CORWIN. The U.S. revenue steamer Thomas Corwin (built 1876) embarked from San Francisco on 4 May 1881 on its most famous expedition
to northern Alaskan waters. Although the normal duties of the Corwin included the control of contraband trade in the far north, the 1881 voyage,
under the command of Captain Calvin L. Hooper, was charged with three
additional goals: to examine the condition of Eskimo peoples, imperiled
after a particularly severe Arctic* winter; to locate the Mount Wollaston and
the Vigilant, two American whaleships missing in the Chukchi Sea since
1879; and, most importantly, to search for traces of Captain George W. De
Long’s Jeannette expedition, lost since 1879 in a celebrated attempt to reach
the North Pole through the Bering Strait.
Among the crew of the Corwin’s 1881 voyage was John Muir, American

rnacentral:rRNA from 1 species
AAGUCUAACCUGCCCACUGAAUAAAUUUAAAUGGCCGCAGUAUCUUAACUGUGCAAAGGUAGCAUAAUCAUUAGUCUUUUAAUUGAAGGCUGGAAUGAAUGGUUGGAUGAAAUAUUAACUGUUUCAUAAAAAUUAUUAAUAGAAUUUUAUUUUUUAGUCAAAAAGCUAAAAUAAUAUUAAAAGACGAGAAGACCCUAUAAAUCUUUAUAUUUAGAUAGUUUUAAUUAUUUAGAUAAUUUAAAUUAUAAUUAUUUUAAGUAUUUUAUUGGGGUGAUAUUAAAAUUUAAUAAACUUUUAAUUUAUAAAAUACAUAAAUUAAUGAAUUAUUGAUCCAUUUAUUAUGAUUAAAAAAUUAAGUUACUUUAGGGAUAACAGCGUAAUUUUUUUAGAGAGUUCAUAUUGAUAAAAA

naturalist, conservationist, and nature writer. Muir’s talents as adventurer,
glaciologist, and author ideally suited him to accompany the ship as a journalist and naturalist, and Muir’s literary account immortalized the 1881 voyage. In journals and in letters published in the San Francisco Evening
Bulletin, Muir recorded the events of the journey, described the customs
and condition of Chukchi, Tlingit, and other northern Indians, and narrated
the discovery that the crews of the Mount Wollaston and the Vigilant had
all died. From Muir, in a letter published in the Bulletin, 29 September
1881, the world learned that the Jeannette had been crushed by ice and
sunk in the Arctic Ocean and that De Long and nineteen others of the
ship’s crew of thirty-three had died of exposure and starvation. Muir’s writings concerning the Corwin expedition, edited by William F. Bade `, were
published posthumously as The Cruise of the Corwin (1917).